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Ski Clinics

post #1 of 11
Thread Starter 
I'm an advanced intermediate skier who is good on the groomers but average in the bumps and powder. I enjoy working with instructors, and over the last two years, I've taken around 5 half day lessons. Although my skiing has and is improving dramatically, I'm still waiting for that breakthrough that will allow me to really ski aggressively off-piste. (For those of you who live near a resort, imagine how much this frustrates me as I write this post from the 21st floor of a Los Angeles office building).

I'm thinking that a several day clinic with constant coaching would probably result in quicker gains in comparison to taking sporadic lessons during my ski trips. Does anyone have thoughts on this subject? For example, for someone like me who will ski between 10-15 (and with some luck 20) days this year, is an intensive clinic the most effective option? And if so, are there particular clinics you would recommend in the western US (i.e., CA, CO, UT, or WY)? Right now, I'm considering the X Team clinic in Squaw Valley at the end of the month.

BTW, I just discovered this site a week ago, and I can no longer get any work done. I spend all day reading and exchanging posts about gear reviews and the Harold Harb / PSIA debate. When I am fired, I will ask your advice as to which ski town I should relocate to.

"Ending a sentence with a preposition is something up with which I will not put." Winston Churchill.
post #2 of 11
A clinic can do a lot for your skiing. How about our own EpicSki Academy??


post #3 of 11

If you want to ski aggressively off-piste, just go to Steamboat. They have a ton of gladed in between trail terrain at lots of different levels of difficulty.

In general, more training will help you learn faster than less training. But it may not be worth the money. If you're the kind of learner than understands quickly, but needs lots of practice to lock things in and you have the discipline to do the practice, short lessons would be better than a multi day clinic. If you're the kind of learner that skis better in a lesson, but loses the change afterwards, a multi day clinic may help you lock in learned improvements. But the quality of the instructor and the size of the group is also a factor. A top pro can get more done in a one hour private than a rookie can with a group of 10 for 5 days. Of course, many of the multi day camps are staffed by top notch pros (e.g. Epic Ski Academy). Some of those pros are not even available for private lessons.

At only 10-15 days/year, you can only go so far. For a long time, I avoided lessons because I did not want to waste vacation time. The thought of spending a whole vacation "in class" was just plain rediculous. Now that I'm teaching, I find myself taking a lot of multi day instructor clinics. It's been a real surprise to discover how much fun you can have while learning.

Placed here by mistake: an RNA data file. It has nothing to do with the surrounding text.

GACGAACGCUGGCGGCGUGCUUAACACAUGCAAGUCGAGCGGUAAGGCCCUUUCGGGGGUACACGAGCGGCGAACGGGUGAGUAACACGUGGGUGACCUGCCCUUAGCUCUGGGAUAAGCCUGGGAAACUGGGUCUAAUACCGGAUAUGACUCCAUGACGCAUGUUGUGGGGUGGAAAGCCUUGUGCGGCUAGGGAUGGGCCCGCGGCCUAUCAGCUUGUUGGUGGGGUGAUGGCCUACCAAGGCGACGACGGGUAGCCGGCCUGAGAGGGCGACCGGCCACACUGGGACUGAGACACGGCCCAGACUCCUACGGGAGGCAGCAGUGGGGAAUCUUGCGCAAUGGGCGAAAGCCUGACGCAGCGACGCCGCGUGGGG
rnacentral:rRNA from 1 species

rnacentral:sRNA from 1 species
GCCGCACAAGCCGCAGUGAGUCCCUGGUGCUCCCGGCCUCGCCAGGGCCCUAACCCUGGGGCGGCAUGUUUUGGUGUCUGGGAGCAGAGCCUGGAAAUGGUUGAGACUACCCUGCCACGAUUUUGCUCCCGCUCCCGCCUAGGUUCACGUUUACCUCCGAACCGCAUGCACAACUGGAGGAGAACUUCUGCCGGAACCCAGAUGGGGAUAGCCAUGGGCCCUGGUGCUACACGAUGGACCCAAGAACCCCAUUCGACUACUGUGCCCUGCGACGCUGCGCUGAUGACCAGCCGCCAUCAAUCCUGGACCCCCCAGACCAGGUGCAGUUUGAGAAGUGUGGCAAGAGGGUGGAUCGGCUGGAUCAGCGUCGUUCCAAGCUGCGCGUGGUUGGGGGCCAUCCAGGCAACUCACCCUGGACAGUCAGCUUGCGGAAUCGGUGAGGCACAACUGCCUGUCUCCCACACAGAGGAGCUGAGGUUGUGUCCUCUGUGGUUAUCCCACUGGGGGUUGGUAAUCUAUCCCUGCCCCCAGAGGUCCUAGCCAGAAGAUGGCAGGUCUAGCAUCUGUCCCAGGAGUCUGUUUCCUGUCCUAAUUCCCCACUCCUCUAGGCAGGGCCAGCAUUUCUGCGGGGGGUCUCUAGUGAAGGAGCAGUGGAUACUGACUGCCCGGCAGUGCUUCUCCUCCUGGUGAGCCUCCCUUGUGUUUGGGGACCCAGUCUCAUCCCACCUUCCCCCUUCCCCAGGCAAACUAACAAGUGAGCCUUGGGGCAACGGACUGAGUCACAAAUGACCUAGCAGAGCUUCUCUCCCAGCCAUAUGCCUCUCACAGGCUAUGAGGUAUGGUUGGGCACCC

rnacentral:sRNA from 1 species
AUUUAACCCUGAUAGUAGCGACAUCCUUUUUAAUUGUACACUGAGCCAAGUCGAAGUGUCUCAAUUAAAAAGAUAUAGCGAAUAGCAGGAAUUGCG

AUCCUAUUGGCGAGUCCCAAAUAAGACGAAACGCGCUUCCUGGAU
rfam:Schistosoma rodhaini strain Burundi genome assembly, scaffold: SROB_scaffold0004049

It sounds like you're ready to try a camp and find out for yourself.
post #4 of 11
check out http://skinastc.com

I did an early season, week long clinic with them at Blackcomb a few years ago - it was great. All instructors were PSIA III and we spent most of our time on the mountain skiing, not talking. At night, we had choice of learing about bootfitting/skituning or going out to party.
post #5 of 11
I'll have to agree with The Rusty that the number of days you ski is a critical factor. I was in your shoes for years, skiing 15, 20 maybe even 30 days a year. Last year I decided to really dedicate myself to it and skied 51 days, this year I'm on the same pace. I'm finally making huge progress.

To really learn something involving muscle memory I believe you need to do it 3-4 days a week. I play and taught piano, and could never learn a song playing even 6-8 hours a day on the weekends only. Playing 1 hour every day (for example) works much better (and adds up to many less hours a week.)

I rearranged my life to "work from home" on Fridays and during ski season ski every Fri, Sat and Sun. Then I whenever possible ski on a Tue or Wed morning for 2-3 hours and get to work late and work into the evening. That plus an annual western ski trip gets me the 50 days.

Tough to to I know, but even with this schedule it's taking me two seasons to really get good.

(Maybe if you're lucky you WILL get fired

Also the ESA is a GREAT idea. I did the ETU (only 2 days) this year and it was huge for me. Those instructors are incredible, you'll never match them at a typical ski school situation.
post #6 of 11

Welcome......puhleaze don't open the which ski town is best debate

I don't think you can do any better than the epicski events, unless of course you go to Dumont. Oh my gosh that's merely a joke.: